How To Draw A Turkey
How To Draw A Turkey
Choose A Turkey
First, choose your turkey. Just recently I was asked whether I had any paintings of a turkey or chicken that a client could buy to give as a gift. To be honest, I'd never thought of chickens and turkeys as particularly popular subjects, but I always tell myself that if something crops (no pun intended) up more than once, then it's something I should pay attention to. And, as I had to turn the client away, losing a commission also made me prick up my ears.
I guess I should have realised that, living in such a rural area, of course livestock pictures would be popular gifts. So, I figured I would write another 'how to pastel hub' about drawing a chicken and a turkey. You may have guessed, this is the turkey version.
As ever, when choosing an image to work from, make sure it's yours to use. I'm fortunate that the farm on Shute lane (we call it up Shute creek withut a paddle) has a good variety of hens, roosters and turkeys milling about, that I can photograph and sketch. This is a journey I have to make alone, because Archie, the dog is absolutely terrified of the turkeys and roosters, especially the noise the turkey makes. If you aren't so lucky as to have a handy turkey wandering about, check with the source of your photo that it's OK to use.
Photo Enlarged Using Tracing Method
Enlarge Your Photo
It's unlikely that the image you choose will be the size you wish to draw, so you'll need to enlarge it, then find some way to transfer this image to your chosen support. If you're a skilled artist you'll be able to draw the turkey directly, if not, then here are a couple of methods you can use to enlarge your photo and get it down on paper.
I squared up one of my sketches to make the final painting and transferred it on to Fisher 400 paper (my Rolls Royce of papers).
First Steps in Pastel Painting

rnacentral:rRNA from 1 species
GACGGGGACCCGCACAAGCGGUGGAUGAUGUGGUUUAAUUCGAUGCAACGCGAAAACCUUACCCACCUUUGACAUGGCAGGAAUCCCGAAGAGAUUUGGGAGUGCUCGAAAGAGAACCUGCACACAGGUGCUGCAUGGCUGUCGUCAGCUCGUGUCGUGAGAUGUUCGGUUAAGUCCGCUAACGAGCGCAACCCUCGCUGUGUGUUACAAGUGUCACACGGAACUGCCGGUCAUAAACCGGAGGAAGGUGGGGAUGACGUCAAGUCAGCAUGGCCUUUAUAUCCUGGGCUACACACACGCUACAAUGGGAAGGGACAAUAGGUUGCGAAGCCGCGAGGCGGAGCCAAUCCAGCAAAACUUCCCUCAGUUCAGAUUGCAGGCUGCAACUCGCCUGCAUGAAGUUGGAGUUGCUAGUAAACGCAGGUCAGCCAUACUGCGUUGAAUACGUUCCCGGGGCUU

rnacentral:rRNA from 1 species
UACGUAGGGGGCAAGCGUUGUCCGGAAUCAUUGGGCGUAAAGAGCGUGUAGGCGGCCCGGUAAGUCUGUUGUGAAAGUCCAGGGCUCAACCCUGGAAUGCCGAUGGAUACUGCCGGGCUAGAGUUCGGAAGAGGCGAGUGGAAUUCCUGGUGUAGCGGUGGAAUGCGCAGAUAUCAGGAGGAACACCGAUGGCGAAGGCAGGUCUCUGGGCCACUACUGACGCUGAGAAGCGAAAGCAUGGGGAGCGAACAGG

The first step in creating your turkey painting is to choose a colour palette. Steer clear of black as a dark colour, because it can deaden your work if you're not skilled at using it. For very darks, you could choose deep blue for areas in shade and maybe a deep brown for less shaded areas. Pale blue makes a good, cool shady white and very pale yellow a warm white. Save bright white for highlights only, as again it is a very flat colour.
I used fairly pale pigments for the background of this painting, chosen from my Landscape Pastel set. I stuck to pale yellows and yellow greens, but added some pale pink in the foreground. Keeping the background pale means that the turkey will stand out. I didn't put any detail into the foreground until the turkey itself was complete. If you leave the foreground to last, you can add in some complementary colours and tones that are going to enhance your finished bird.
Once you have your colour palette, start with pastel sticks ( I use my favourite, Unison pastels) and block in some colour, smudging the pigment into the paper with your fingers. You can leave areas of the support showing through, if you want to show the paper in the final work.
Next put in the detailed feathers. you don't need to put in every single one, but rather suggest the texture fo feathers using the side of a pastel stick. Try to keep your colours clear and bright. Once you're happy with this stage, switch to pastel pencils (I use Faber-Castel Pitt Pencils) and put in a few suggestions of really fine detal, such as eyes, claws, the odd bit of feather or straw.
And voila, you have your turkey painting. Who'd have thought anyone would want a turkey as a gift, but here he is.
I have used fixative on my painting, as he's going into my Etsy store for sale, and I don't want him to smudge in transit. I use a natural milk casein fixative, which I find works well and doesn't destroy the colour pigments.
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